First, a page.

Through the Act, the Ministry plans to set up a nodal body
in form of "National Digital Health Authority", as a statutory body
for promotion/ adoption of e-Health standards, to enforce privacy &
security measures for electronic health data, and to regulate storage &
exchange of Electronic Health Records. The Government also plans to establish State
eHealth Authorities and Health Information Exchanges.
The Government is seeking feedback on the draft Act till 21
The National Electronic Health Authority of India will formulate
standards, operational guidelines and protocols for the generation, collection,
storage and transmission of the digital health data. These will be applicable
to clinical establishments generating and collecting digital health data for
their own use or for further transmission to the health information exchanges
and to health information exchanges storing and transmitting digital health
data to clinical establishments, or to other exchanges, or to State or National
Electronic Health Authorities. The State and National Authorities themselves, as
well as any entity having custody of any digital health data will be subject to
To ensure data protection and prevent breach or theft of
digital health data, the National Authroity will establish data security
measures for all stages of the data chain, which shall at the minimum include
access controls, encrypting and audit trails. It will also create protocols for
exchange of digital health data with other countries.
The National and State Authorities shall have the right to
inspect all records; or access the premises, including virtual premises of the
health information exchange or exchanges at any time to carry out the functions
in the Act.
Digital health data maybe be collected, stored and
transmitted by health information exchanges for the following purposes: 1) To
advance the delivery of patient centered medical care; 2) To provide
appropriate information to help guide medical decisions at the time and place
of treatment; 3) To improve the coordination of care and information among
hospitals, laboratories, medical professionals, and other entities through an
effective infrastructure for the secure and authorized exchange of digital
health data; 4) Improve public health activities and facilitate the early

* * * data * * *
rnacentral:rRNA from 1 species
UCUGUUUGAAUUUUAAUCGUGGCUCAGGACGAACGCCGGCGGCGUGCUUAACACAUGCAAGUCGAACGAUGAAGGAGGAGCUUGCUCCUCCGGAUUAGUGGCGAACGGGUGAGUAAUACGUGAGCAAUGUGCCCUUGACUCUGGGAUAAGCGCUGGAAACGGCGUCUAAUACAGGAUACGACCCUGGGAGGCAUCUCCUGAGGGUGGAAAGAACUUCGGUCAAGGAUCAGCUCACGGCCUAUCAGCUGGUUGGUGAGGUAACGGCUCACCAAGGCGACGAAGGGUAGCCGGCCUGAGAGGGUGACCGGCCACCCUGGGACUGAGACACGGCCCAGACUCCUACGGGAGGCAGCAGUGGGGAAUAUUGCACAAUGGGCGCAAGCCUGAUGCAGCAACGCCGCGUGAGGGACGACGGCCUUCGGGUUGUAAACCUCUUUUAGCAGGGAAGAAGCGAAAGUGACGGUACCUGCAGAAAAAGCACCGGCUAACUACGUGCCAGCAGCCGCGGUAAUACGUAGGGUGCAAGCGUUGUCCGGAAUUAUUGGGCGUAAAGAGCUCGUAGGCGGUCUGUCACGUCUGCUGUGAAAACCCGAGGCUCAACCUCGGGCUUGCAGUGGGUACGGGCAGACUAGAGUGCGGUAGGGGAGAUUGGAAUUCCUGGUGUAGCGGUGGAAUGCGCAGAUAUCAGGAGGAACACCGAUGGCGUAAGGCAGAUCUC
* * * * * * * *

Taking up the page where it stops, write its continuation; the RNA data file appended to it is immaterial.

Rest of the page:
identification and rapid response to public health threats and emergencies,
including bioterror events and infectious disease outbreaks; 5) facilitate
health and clinical research and health care quality; 6) promote early
detection, prevention, and management of chronic diseases; 7) carry out public
health research, review and analysis, and policy formulation; 8) undertake
academic research and other related purposes.
Government departments can submit requests for digital
health data in deidentified/anonymised form to the National Electronic Health
Authority for the purposes numbered 4 to 8 in the above list.
According to the Act, the digital health data shall be owned
by the individual whose health data has been digitised. A clinical
establishment or exchange holds the data in trust for the owner.
An owner shall have the right to privacy, confidentiality,
and security of their digital health data. Digital health data, whether
identifiable or anonymised, would not be accessed, used or disclosed to any
person for a commercial purpose and to insurance companies, employers, human
resource consultants and pharmaceutical companies, or any other entity as may
be specified by the Central Government.
It is specified that insurance companies shall not insist on
accessing the digital health data of persons who seek to purchase health
insurance policies or during the processing of any insurance claim.
The digital health data shall be transmitted by a clinical
establishment or entity or health information exchange only upon the consent of
the owner, after being informed of the rights of the owner. A health
information exchange shall maintain a register containing all details of the
transmission of the digital health data between a clinical establishment and
health information exchange, and between exchanges.
In the event of an emergency, certain digital health data can
immediately be made accessible to a clinical establishment, upon a request,
including information related to allergies, drug interactions etc.
The Act also lays out penalties for breaches of digital
health data. Any person who breaches
digital health data shall be liable to pay damages by way of compensation to
the owner of the data.
Any person who commits a serious breach of health care data
shall be punished with imprisonment, which shall extend from three years and up
to five years; or fine, which shall not be less than 500,000 rupees (US$ 7675).
A serious breach is defined as occurring when a breach is
committed intentionally, dishonestly, fraudulently or negligently, it occurs in
relation to data which is not anonymised or de-identified, where the person
failed to secure the data, the data was used for commercial gain, or in the
case of repeated breaches.
The Central Government and the State Governments will
appoint a Central and State Adjudication Authorities respectively, to exercise
jurisdiction, powers and authority conferred by or under this Act.
In September 2013,
MoHFW notified the Electronic Health Record (EHR) Standards for India to
introduce a uniform standard-based system for creation and maintenance of EHRs
by healthcare providers. The standards were revised in line with developments,
as seen from this December 2016 release, Standards Set Recommendations v2.0.
Read the draft Act here.